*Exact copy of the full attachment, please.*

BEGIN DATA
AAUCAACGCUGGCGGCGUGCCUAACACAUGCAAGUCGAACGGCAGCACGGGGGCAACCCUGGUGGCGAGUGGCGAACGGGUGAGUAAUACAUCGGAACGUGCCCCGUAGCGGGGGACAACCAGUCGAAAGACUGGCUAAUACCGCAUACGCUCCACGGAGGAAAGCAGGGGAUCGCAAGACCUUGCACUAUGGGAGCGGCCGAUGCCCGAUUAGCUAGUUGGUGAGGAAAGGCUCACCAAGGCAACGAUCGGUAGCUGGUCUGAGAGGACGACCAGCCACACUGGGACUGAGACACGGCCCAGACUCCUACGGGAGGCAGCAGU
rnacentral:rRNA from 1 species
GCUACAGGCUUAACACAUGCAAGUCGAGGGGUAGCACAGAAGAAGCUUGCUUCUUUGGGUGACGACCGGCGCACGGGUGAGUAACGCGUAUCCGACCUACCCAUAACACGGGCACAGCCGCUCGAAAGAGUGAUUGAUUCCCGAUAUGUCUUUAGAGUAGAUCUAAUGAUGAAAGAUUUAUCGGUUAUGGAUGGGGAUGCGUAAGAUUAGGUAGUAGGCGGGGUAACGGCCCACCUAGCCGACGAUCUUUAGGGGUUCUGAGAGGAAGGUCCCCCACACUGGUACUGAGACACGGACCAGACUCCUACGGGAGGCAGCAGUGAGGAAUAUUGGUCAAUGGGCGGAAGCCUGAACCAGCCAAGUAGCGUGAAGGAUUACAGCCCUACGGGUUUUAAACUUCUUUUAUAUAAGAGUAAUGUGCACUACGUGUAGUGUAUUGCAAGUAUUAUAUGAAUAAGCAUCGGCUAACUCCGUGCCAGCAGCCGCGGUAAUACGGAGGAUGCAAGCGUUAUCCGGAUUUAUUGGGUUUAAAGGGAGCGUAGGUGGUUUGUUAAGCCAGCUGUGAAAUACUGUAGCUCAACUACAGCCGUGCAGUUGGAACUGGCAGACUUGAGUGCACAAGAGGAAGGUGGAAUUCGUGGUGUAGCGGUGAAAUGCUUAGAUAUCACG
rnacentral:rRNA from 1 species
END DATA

AAUCAACGCUGGCGGCGUGCCUAACACAUGCAAGUCGAACGGCAGCACGGGGGCAACCCUGGUGGCGAGUGGCGAACGGGUGAGUAAUACAUCGGAACGUGCCCCGUAGCGGGGGACAACCAGUCGAAAGACUGGCUAAUACCGCAUACGCUCCACGGAGGAAAGCAGGGGAUCGCAAGACCUUGCACUAUGGGAGCGGCCGAUGCCCGAUUAGCUAGUUGGUGAGGAAAGGCUCACCAAGGCAACGAUCGGUAGCUGGUCUGAGAGGACGACCAGCCACACUGGGACUGAGACACGGCCCAGACUCCUACGGGAGGCAGCAGU
rnacentral:rRNA from 1 species
GCUACAGGCUUAACACAUGCAAGUCGAGGGGUAGCACAGAAGAAGCUUGCUUCUUUGGGUGACGACCGGCGCACGGGUGAGUAACGCGUAUCCGACCUACCCAUAACACGGGCACAGCCGCUCGAAAGAGUGAUUGAUUCCCGAUAUGUCUUUAGAGUAGAUCUAAUGAUGAAAGAUUUAUCGGUUAUGGAUGGGGAUGCGUAAGAUUAGGUAGUAGGCGGGGUAACGGCCCACCUAGCCGACGAUCUUUAGGGGUUCUGAGAGGAAGGUCCCCCACACUGGUACUGAGACACGGACCAGACUCCUACGGGAGGCAGCAGUGAGGAAUAUUGGUCAAUGGGCGGAAGCCUGAACCAGCCAAGUAGCGUGAAGGAUUACAGCCCUACGGGUUUUAAACUUCUUUUAUAUAAGAGUAAUGUGCACUACGUGUAGUGUAUUGCAAGUAUUAUAUGAAUAAGCAUCGGCUAACUCCGUGCCAGCAGCCGCGGUAAUACGGAGGAUGCAAGCGUUAUCCGGAUUUAUUGGGUUUAAAGGGAGCGUAGGUGGUUUGUUAAGCCAGCUGUGAAAUACUGUAGCUCAACUACAGCCGUGCAGUUGGAACUGGCAGACUUGAGUGCACAAGAGGAAGGUGGAAUUCGUGGUGUAGCGGUGAAAUGCUUAGAUAUCACG
rnacentral:rRNA from 1 species